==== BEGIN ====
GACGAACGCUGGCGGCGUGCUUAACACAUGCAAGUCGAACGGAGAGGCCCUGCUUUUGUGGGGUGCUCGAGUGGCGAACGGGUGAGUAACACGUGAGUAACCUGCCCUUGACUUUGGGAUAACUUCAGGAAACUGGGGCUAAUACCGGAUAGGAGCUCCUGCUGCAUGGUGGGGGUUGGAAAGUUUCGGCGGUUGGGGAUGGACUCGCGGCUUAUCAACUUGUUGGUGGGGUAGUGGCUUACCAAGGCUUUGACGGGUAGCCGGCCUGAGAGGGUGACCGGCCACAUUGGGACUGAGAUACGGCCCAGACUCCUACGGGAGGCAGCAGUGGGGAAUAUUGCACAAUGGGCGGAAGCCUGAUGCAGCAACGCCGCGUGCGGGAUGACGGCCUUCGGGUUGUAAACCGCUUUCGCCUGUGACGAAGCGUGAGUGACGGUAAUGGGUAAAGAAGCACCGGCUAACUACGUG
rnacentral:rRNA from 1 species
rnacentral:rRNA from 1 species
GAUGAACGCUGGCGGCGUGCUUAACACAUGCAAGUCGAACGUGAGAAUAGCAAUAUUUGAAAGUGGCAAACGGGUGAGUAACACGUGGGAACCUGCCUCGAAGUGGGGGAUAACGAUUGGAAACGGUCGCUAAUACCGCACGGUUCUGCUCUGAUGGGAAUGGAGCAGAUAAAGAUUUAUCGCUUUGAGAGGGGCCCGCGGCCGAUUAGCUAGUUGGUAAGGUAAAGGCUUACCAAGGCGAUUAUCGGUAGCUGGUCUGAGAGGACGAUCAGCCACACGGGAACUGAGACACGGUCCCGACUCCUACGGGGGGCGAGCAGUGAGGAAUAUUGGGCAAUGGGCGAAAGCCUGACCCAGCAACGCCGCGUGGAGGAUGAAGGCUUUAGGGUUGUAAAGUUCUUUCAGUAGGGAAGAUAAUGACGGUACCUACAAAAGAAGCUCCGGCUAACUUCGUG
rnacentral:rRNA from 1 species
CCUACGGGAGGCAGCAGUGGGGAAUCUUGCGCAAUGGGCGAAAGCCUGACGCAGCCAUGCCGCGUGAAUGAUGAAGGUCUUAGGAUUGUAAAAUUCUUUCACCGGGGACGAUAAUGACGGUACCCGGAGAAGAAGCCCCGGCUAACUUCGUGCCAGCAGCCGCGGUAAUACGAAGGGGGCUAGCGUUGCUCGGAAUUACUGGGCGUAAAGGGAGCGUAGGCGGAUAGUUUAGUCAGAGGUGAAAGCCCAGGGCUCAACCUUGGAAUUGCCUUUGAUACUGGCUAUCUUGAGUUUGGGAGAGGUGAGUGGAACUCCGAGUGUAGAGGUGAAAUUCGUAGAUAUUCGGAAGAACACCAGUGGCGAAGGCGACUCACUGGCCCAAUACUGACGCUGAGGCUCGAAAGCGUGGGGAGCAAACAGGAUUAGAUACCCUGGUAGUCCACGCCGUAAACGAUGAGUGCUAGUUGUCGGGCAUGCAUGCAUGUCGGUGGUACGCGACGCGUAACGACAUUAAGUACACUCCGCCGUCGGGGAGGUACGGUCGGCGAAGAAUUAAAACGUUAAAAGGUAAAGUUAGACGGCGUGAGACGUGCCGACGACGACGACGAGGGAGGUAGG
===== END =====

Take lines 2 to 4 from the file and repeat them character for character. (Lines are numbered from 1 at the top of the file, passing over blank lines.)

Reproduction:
rnacentral:rRNA from 1 species
rnacentral:rRNA from 1 species
GAUGAACGCUGGCGGCGUGCUUAACACAUGCAAGUCGAACGUGAGAAUAGCAAUAUUUGAAAGUGGCAAACGGGUGAGUAACACGUGGGAACCUGCCUCGAAGUGGGGGAUAACGAUUGGAAACGGUCGCUAAUACCGCACGGUUCUGCUCUGAUGGGAAUGGAGCAGAUAAAGAUUUAUCGCUUUGAGAGGGGCCCGCGGCCGAUUAGCUAGUUGGUAAGGUAAAGGCUUACCAAGGCGAUUAUCGGUAGCUGGUCUGAGAGGACGAUCAGCCACACGGGAACUGAGACACGGUCCCGACUCCUACGGGGGGCGAGCAGUGAGGAAUAUUGGGCAAUGGGCGAAAGCCUGACCCAGCAACGCCGCGUGGAGGAUGAAGGCUUUAGGGUUGUAAAGUUCUUUCAGUAGGGAAGAUAAUGACGGUACCUACAAAAGAAGCUCCGGCUAACUUCGUG